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Motorhead's Lemmy Kilmister: A life lived on his terms

By Ruth Booth

Published 31/12/2015

Lemmy Kilmister
Lemmy Kilmister

You couldn't make up Ian "Lemmy" Kilmister. Frontman and bassist for Motorhead, he once claimed that "if we moved in next door to you, your lawn would die". His body was reputedly so toxic after years of drug-taking, a transfusion of anyone else's blood would have killed him.

In Hawkwind, he was a speed freak in a band of acid heads, a bassist who'd never touched the instrument before he was drafted in at the last minute to cover a festival. His unique style, perfected in Motorhead, owed as much to that experience being a rhythm guitarist playing bass.

A friend once told me of first hearing Ace of Spades at the age of 11, of him and a friend sitting around the record player, playing it over and over again, as if they were trying to work out what was happening to them.

Lemmy was a legend in his own lifetime, an everyman god of the gutter whose music shook you to your core, but who you could still chat to in the pub afterwards.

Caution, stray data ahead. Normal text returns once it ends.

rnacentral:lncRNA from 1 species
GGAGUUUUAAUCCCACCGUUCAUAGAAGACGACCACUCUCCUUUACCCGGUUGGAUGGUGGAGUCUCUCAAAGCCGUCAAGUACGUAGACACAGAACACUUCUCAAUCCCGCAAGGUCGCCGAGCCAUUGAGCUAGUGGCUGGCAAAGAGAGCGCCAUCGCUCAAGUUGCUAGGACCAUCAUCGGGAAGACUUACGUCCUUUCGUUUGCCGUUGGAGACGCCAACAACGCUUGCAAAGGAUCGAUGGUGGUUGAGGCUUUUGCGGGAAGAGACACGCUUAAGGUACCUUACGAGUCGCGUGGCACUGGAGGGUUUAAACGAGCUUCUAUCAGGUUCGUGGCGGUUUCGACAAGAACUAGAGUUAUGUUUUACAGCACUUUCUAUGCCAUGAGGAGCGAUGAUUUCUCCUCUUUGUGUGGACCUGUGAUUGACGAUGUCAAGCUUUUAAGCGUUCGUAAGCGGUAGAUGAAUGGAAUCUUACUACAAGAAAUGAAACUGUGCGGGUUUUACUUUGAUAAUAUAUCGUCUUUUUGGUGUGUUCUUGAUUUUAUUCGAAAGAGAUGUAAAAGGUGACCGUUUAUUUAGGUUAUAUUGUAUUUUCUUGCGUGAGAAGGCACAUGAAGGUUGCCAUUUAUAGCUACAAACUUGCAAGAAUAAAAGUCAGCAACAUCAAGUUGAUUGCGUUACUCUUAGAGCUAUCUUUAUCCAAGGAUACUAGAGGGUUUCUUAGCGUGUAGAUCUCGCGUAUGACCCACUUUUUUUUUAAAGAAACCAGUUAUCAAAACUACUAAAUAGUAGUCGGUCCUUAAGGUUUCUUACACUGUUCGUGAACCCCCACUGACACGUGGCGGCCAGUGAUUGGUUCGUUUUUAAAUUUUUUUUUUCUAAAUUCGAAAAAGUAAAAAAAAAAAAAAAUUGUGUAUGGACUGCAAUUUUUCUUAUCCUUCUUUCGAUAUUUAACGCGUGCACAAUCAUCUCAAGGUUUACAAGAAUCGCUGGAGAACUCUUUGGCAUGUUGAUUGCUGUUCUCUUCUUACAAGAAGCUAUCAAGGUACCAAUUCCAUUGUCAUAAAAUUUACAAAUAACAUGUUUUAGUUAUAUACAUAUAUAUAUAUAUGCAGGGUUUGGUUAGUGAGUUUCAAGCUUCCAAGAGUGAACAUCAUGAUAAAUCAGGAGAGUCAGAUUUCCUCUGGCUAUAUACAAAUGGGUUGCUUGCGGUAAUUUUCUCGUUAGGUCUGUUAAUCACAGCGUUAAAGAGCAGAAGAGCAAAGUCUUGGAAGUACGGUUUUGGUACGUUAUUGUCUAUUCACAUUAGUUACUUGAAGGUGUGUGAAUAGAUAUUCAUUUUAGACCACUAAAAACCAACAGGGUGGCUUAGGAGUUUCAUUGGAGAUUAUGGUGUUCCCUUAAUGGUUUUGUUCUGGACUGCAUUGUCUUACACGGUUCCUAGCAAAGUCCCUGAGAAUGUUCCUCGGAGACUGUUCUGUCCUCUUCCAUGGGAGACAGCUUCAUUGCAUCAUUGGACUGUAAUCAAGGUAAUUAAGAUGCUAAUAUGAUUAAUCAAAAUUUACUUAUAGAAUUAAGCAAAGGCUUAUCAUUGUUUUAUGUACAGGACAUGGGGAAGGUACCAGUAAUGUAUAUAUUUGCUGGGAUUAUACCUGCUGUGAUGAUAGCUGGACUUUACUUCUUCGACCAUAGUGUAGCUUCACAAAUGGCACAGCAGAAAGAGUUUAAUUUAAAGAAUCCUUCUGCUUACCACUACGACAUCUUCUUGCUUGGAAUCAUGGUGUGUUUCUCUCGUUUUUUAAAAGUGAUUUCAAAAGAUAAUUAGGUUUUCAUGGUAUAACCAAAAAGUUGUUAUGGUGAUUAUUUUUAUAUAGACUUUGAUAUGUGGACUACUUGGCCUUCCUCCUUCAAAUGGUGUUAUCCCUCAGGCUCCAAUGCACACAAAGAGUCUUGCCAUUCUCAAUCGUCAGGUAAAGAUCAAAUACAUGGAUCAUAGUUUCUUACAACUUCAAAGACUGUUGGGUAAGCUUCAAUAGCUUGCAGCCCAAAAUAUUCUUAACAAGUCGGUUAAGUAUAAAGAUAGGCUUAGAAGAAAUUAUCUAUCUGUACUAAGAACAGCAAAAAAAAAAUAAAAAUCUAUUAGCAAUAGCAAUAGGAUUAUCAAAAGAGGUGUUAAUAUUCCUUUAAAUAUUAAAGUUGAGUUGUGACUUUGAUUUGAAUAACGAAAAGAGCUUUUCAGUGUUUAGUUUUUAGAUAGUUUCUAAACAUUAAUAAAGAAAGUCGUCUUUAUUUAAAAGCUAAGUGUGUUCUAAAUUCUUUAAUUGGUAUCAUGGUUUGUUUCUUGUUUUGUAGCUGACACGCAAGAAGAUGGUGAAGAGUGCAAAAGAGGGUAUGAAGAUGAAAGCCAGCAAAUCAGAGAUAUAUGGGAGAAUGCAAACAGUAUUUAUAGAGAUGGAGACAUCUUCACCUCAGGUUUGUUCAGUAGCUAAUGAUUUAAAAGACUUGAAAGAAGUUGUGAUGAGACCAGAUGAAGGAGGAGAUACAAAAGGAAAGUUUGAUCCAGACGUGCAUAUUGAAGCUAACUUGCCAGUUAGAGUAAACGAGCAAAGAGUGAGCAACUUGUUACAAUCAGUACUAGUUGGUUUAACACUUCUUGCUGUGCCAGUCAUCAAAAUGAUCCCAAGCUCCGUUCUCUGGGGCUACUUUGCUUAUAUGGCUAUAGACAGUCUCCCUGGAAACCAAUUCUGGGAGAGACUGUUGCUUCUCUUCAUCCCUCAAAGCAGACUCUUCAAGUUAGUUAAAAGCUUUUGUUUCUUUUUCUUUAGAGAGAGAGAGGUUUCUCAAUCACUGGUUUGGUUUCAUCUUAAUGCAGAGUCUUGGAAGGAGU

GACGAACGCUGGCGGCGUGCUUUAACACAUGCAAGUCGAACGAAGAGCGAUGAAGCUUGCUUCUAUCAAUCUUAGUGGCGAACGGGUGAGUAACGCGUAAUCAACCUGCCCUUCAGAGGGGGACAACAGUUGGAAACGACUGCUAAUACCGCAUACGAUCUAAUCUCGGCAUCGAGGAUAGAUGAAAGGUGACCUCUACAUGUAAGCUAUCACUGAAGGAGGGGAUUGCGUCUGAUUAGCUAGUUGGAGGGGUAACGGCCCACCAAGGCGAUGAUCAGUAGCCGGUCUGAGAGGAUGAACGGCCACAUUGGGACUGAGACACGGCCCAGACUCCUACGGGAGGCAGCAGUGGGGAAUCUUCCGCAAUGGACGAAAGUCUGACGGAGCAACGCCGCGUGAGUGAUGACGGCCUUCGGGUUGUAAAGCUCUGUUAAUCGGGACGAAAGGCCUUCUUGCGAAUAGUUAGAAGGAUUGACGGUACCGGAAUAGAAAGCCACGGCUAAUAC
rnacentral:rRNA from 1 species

Friends who knew him talk of a gentleman with a taste for misbehaviour, a well-read, hard-drinking historian with a taste for Nazi memorabilia.

While his collection gave many pause, he'd never espoused the ideology, speaking instead of how "throughout history, it's always been the bad guys who dressed the best: Napoleon, the Confederates, the Nazis".

As readers of 2002 autobiography White Line Fever will know, Lemmy would be the last to claim perfection. Yet, for me, Lemmy stood for doing it all in spite of that.

With his death on December 28, he missed all the end of year farewell issues. He couldn't have timed it better.

That this happened so soon after the death of bandmate Phil "Philthy Animal" Taylor, is salt in a wound already cut straight to the bone.

Undeniably human as he was, the idea that one day we'd be without him had never even crossed our minds. Cancer? There's just no way.

As on the 1984 single from No Remorse, Lemmy was Killed by Death - the only thing that could keep him down.

  • Ruth Booth is a music writer and photographer based in the north-east of England

Belfast Telegraph

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